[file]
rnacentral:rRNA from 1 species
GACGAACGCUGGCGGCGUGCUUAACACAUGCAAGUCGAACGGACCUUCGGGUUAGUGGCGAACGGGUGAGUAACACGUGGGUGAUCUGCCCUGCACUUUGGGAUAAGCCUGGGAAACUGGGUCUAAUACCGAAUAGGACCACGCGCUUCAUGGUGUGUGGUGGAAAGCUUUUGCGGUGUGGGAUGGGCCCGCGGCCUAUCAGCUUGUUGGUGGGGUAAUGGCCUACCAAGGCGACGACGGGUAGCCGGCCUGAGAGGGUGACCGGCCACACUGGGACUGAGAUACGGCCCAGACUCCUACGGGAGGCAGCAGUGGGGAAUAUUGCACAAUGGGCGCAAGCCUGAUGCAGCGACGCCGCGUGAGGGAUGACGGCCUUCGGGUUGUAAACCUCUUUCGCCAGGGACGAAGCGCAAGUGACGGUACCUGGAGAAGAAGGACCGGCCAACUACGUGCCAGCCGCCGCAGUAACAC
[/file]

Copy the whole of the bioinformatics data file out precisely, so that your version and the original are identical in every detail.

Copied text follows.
rnacentral:rRNA from 1 species
GACGAACGCUGGCGGCGUGCUUAACACAUGCAAGUCGAACGGACCUUCGGGUUAGUGGCGAACGGGUGAGUAACACGUGGGUGAUCUGCCCUGCACUUUGGGAUAAGCCUGGGAAACUGGGUCUAAUACCGAAUAGGACCACGCGCUUCAUGGUGUGUGGUGGAAAGCUUUUGCGGUGUGGGAUGGGCCCGCGGCCUAUCAGCUUGUUGGUGGGGUAAUGGCCUACCAAGGCGACGACGGGUAGCCGGCCUGAGAGGGUGACCGGCCACACUGGGACUGAGAUACGGCCCAGACUCCUACGGGAGGCAGCAGUGGGGAAUAUUGCACAAUGGGCGCAAGCCUGAUGCAGCGACGCCGCGUGAGGGAUGACGGCCUUCGGGUUGUAAACCUCUUUCGCCAGGGACGAAGCGCAAGUGACGGUACCUGGAGAAGAAGGACCGGCCAACUACGUGCCAGCCGCCGCAGUAACAC